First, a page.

The list of offensive materials includes various forms of hate speech and online incitement of hatred as well as fake news, libel, and defamation, along with child pornography and terrorism-related activities.
However, the task of identifying, examining and removing such content is in fact handed over to social network administrators and the users themselves.
At the same time, the bill obliges social networks to provide users with “an easily recognizable, directly reachable, and constantly available” complaint process for “prosecutable content.”
The legislation also obliges online giants to provide reports to the German authorities concerning how many complaints they receive from users, how many offensive posts they remove and how quickly they do it.
The reports, which should be provided every three months, must also include data on how many employees are tasked with dealing with offensive content in each social network company.
Earlier, Maas admitted that an attempt to make social networks remove offensive content on a voluntary basis “has failed,” as he explained the necessity for the new measures, German media report.
According to a survey conducted by the Justice Ministry, Facebook deleted about 46 percent of offensive and illegal content between July and August 2016, while between February and January 2017 this figure dropped to 39 percent. Twitter reportedly removed only 1 percent of content deemed illegal in recent months. YouTube, however, deleted as much as 90 percent of such material over the same period, as reported by Deutsche Welle.
‘Freedom of expression ends where criminal law begins’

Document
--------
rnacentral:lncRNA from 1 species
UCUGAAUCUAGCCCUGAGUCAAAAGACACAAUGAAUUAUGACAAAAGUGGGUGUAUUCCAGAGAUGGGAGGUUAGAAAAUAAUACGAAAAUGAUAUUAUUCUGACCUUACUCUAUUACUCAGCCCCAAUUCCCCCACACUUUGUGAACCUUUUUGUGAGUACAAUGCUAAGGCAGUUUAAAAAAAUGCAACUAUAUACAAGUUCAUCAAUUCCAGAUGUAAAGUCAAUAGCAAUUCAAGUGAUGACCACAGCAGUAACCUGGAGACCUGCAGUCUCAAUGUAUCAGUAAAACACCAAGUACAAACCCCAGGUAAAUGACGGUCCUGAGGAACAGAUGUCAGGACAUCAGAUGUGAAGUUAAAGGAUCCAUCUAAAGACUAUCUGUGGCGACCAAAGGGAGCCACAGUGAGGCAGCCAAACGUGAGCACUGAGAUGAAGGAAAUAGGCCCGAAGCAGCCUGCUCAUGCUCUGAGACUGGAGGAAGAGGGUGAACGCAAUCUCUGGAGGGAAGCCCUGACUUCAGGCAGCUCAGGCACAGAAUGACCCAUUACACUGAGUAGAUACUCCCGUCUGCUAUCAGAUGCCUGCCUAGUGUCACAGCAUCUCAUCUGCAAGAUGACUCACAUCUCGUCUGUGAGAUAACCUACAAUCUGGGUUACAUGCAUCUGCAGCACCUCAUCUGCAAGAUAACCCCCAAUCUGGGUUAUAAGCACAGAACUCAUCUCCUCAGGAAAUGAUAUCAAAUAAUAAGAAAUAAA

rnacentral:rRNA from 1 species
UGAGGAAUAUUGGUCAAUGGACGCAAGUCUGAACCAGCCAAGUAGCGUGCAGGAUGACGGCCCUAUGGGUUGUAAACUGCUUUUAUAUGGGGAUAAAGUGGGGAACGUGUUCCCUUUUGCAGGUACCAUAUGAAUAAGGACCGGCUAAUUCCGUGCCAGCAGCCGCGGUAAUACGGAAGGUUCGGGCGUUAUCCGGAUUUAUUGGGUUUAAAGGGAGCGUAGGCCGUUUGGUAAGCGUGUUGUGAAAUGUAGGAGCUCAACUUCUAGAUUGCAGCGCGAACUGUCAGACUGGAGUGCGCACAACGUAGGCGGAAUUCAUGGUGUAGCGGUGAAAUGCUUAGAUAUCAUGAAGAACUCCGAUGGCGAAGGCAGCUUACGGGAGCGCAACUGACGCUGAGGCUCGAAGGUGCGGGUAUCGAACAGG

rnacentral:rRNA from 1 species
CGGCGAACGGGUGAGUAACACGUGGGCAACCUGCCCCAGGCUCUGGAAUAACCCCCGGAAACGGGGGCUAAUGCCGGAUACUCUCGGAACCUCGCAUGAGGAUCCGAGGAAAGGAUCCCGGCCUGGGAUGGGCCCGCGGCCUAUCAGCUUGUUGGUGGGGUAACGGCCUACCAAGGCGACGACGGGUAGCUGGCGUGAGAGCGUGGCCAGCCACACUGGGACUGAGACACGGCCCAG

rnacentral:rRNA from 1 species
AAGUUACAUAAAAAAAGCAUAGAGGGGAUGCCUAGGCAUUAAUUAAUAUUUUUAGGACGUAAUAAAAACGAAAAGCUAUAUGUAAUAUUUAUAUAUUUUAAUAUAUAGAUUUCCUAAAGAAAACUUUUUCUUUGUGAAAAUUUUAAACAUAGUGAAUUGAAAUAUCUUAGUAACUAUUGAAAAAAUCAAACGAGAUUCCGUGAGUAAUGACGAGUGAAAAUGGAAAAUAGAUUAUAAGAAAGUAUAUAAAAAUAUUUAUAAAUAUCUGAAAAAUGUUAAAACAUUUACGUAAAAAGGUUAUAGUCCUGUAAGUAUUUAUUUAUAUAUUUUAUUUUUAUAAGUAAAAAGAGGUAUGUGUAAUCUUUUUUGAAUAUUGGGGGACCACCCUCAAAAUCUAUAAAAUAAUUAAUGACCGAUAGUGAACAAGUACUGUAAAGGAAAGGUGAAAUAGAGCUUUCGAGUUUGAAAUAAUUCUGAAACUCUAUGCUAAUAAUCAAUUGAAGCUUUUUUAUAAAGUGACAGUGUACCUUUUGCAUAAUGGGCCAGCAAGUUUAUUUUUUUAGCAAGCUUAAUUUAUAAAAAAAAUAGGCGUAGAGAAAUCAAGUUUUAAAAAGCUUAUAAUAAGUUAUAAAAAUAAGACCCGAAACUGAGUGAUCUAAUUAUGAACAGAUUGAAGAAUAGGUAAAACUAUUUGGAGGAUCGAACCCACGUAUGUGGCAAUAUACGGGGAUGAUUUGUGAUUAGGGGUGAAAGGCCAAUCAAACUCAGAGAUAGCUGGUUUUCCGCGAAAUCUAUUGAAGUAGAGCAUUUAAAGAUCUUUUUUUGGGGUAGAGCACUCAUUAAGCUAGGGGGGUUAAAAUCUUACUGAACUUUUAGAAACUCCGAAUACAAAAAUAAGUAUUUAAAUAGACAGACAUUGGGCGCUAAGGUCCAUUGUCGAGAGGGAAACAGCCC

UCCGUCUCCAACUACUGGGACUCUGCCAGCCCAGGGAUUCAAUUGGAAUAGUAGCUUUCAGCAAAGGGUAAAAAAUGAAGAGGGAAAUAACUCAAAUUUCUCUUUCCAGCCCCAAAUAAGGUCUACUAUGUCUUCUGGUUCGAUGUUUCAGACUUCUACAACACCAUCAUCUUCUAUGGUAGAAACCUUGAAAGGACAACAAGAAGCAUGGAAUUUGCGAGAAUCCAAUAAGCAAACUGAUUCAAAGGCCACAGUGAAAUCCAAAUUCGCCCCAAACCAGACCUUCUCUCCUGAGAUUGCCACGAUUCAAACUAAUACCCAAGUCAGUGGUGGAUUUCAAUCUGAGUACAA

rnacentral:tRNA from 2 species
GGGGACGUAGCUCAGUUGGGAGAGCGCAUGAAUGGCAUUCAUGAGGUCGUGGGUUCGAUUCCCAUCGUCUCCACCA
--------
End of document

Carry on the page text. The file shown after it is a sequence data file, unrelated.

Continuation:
The bill provoked a wave of criticism from opposition politicians, media companies and various network activists.
Renate Kuenast, the Green Party’s legal expert, criticized the legislation by saying that it would effectively limit the freedom of expression.
“My fear, and that of many others, is that in the end the version [Maas] is now presenting will limit freedom of opinion because it will simply become delete, delete, delete,” she said, as cited by Deutsche Welle.
She also said that the hefty fines envisaged in the bill would work as “almost an invitation to not only delete real insults, but everything for safety’s sake.”
Her words were partly echoed by Google representatives, who warned that the proposed legislation could lead to “overblocking.”
YouTube CEO Susan Wojcicki called the proposed fines “a heavy burden for the [social network] platforms,” adding that “the platforms could remove content that should not be removed” out of fear of being fined, Der Spiegel reports.
The German Publishers Association (VDZ) went further and denounced the justice minister’s proposal as an attempt to create a “state-imposed private thought police.”
Even some NGOs, such as the Amadeu Antonio Foundation, which campaigns against right-wing parties, racism and anti-Semitism, said that the new bill is “in fact a limitation of the freedom of expression.”